Civil Rights Comment for Student Loan Debt Cancellation

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Dear Secretary Cardona,

On behalf of The Leadership Conference on Civil and Human Rights, a coalition charged by its diverse membership of more than 230 national organizations to promote and protect the civil and human rights of all persons in the United States, and the 12 undersigned organizations, we write to submit comments on the U.S. Department of Education’s proposed regulations governing Income-Driven Repayment of federal student loans posted in the Federal Register on January 11, 2023.   

The voice of the civil rights community is uniquely critical in crafting reforms to the federal student loan program. As explained in the Civil Rights Principles for Student Loan Debt Cancellation, 

The $1.7 trillion student loan crisis is crushing individuals, families, and our economy, and the weight of this burden is disproportionately borne by women and Black and Latino borrowers. This did not happen by accident. Policymakers intentionally shifted away from publicly funding our higher education system to a primarily debt-financed system just as students of color and women gained access, disregarding the rising cost of college for students and families, persistent racial wealth and income disparities, ongoing discrimination in the labor and credit markets, and many other societal and policy failures. These decisions have left a generation of borrowers on the brink of financial devastation simply because they sought economic security through higher education.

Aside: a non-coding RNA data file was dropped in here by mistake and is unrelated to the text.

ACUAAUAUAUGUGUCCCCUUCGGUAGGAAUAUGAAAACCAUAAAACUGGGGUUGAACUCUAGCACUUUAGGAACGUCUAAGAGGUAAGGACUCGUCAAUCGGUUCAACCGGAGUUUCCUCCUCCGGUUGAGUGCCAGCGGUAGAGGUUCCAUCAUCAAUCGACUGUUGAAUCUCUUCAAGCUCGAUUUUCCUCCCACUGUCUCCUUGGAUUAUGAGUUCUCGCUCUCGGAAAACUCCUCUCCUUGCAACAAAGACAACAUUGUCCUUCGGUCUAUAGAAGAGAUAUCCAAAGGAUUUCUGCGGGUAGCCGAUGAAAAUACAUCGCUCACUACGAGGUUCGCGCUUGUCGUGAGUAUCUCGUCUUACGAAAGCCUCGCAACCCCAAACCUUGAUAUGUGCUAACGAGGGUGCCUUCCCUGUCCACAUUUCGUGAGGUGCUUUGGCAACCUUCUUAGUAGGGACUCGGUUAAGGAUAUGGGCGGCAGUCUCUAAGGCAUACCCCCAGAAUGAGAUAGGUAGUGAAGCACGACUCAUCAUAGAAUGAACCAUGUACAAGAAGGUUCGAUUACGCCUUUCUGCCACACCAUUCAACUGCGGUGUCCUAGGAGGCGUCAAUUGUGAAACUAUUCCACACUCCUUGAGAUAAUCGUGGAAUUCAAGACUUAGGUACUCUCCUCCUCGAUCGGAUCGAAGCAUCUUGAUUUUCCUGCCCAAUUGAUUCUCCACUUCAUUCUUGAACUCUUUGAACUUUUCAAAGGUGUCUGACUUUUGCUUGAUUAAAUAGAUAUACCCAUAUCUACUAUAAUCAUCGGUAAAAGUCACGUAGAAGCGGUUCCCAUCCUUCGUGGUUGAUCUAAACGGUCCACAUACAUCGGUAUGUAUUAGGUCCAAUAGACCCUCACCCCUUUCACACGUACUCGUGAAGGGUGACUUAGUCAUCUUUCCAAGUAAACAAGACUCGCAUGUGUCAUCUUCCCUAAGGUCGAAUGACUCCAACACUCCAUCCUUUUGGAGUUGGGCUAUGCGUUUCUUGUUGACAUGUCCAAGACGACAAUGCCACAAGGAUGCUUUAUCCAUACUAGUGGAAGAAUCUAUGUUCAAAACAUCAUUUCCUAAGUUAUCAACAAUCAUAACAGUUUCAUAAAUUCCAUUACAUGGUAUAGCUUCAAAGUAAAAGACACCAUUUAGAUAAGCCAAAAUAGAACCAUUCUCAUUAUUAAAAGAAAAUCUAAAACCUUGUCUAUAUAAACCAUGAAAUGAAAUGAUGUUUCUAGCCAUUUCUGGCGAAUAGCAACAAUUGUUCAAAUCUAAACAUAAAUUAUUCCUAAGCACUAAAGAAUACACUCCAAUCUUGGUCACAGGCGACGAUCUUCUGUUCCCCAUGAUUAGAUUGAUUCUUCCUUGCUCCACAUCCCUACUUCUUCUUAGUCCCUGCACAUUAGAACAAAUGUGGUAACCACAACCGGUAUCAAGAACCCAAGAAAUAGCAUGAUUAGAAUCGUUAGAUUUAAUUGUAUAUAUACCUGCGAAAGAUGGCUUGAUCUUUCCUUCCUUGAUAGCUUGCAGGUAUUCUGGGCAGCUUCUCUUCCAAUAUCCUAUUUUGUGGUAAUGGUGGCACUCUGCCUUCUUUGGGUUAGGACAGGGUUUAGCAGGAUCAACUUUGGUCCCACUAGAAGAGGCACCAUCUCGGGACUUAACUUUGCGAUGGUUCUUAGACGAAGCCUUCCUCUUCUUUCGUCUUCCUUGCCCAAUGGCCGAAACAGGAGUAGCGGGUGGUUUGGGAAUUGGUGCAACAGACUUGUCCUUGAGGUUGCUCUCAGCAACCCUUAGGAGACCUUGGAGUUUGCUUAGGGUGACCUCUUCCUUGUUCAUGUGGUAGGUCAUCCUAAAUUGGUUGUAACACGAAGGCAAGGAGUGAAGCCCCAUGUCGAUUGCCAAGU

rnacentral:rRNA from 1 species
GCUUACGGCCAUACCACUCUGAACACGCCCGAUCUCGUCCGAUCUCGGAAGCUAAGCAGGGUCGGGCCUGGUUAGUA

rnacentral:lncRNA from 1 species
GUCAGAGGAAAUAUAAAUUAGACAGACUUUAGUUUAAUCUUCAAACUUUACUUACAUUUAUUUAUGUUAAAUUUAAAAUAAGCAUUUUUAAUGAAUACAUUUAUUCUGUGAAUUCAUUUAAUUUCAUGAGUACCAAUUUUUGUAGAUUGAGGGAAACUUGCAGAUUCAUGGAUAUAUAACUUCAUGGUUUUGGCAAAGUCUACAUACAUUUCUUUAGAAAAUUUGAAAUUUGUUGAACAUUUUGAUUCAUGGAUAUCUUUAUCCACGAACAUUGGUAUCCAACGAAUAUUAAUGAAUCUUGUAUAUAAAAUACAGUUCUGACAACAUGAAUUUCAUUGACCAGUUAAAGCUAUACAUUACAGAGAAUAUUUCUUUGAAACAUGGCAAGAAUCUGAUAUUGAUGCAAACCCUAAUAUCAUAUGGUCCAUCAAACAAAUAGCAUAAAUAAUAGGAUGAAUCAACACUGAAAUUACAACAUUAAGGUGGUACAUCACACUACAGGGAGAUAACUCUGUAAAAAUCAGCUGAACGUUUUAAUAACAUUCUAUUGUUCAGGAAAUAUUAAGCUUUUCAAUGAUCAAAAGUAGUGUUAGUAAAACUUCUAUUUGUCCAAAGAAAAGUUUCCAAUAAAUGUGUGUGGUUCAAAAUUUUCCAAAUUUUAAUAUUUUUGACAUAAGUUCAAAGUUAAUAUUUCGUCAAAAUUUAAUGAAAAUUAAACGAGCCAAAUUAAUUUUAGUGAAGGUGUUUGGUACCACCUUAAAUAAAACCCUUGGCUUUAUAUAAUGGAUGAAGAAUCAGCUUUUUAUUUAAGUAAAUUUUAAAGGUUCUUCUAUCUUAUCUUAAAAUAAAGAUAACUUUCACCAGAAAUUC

To address this crisis, President Biden announced that the administration would both cancel up to $20,000 in federally held student debt for eligible borrowers and make student loan repayment more affordable and manageable for remaining and future borrowers through improvements to Income-Driven Repayment (IDR). 

We applaud the department for taking student loan burdens seriously and for proposing changes that would make repayment more affordable for millions of people who must borrow to access higher education. In these comments, we address how the department’s proposal to improve IDR supports the promise of making student loan repayment more affordable and manageable, and we identify key aspects of the proposal that should be strengthened in the final rule to advance equity and better address the disproportionate burden of student debt on women and people of color.

1. We commend the department’s efforts to make student loan payments more affordable, and we urge the department to go further to ensure that all people with student loan debt can meet their families’ basic needs. 

The Department of Education has proposed to make student loan payments in income-driven repayment more affordable in two ways: